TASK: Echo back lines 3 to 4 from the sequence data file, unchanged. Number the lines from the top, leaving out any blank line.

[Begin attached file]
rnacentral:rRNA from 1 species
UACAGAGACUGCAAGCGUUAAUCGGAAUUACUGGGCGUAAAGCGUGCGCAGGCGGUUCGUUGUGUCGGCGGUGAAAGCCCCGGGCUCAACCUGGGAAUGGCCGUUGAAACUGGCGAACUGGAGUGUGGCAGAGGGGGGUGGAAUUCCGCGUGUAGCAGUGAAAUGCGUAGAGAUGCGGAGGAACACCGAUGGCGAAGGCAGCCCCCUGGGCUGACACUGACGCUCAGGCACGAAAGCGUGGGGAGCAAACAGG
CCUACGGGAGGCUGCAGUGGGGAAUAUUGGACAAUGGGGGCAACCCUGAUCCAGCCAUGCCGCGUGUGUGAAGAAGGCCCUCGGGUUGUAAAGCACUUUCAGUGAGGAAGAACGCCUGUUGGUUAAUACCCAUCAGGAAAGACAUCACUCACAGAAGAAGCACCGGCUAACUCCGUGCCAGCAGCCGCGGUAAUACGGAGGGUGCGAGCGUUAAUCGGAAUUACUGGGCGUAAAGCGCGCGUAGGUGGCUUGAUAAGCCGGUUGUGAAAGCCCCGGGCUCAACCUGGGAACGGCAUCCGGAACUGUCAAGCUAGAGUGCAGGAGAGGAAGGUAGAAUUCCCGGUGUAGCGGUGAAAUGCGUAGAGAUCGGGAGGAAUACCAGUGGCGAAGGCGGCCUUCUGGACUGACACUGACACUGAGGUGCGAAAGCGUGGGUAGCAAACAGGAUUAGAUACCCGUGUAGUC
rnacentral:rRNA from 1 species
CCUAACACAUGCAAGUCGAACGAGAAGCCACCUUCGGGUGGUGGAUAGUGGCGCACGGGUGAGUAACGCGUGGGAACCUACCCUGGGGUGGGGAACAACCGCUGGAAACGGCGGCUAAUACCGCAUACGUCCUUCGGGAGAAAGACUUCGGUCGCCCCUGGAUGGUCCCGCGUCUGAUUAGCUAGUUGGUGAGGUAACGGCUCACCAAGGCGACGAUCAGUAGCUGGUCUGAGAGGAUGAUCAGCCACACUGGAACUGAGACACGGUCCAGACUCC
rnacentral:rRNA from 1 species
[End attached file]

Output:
CCUACGGGAGGCUGCAGUGGGGAAUAUUGGACAAUGGGGGCAACCCUGAUCCAGCCAUGCCGCGUGUGUGAAGAAGGCCCUCGGGUUGUAAAGCACUUUCAGUGAGGAAGAACGCCUGUUGGUUAAUACCCAUCAGGAAAGACAUCACUCACAGAAGAAGCACCGGCUAACUCCGUGCCAGCAGCCGCGGUAAUACGGAGGGUGCGAGCGUUAAUCGGAAUUACUGGGCGUAAAGCGCGCGUAGGUGGCUUGAUAAGCCGGUUGUGAAAGCCCCGGGCUCAACCUGGGAACGGCAUCCGGAACUGUCAAGCUAGAGUGCAGGAGAGGAAGGUAGAAUUCCCGGUGUAGCGGUGAAAUGCGUAGAGAUCGGGAGGAAUACCAGUGGCGAAGGCGGCCUUCUGGACUGACACUGACACUGAGGUGCGAAAGCGUGGGUAGCAAACAGGAUUAGAUACCCGUGUAGUC
rnacentral:rRNA from 1 species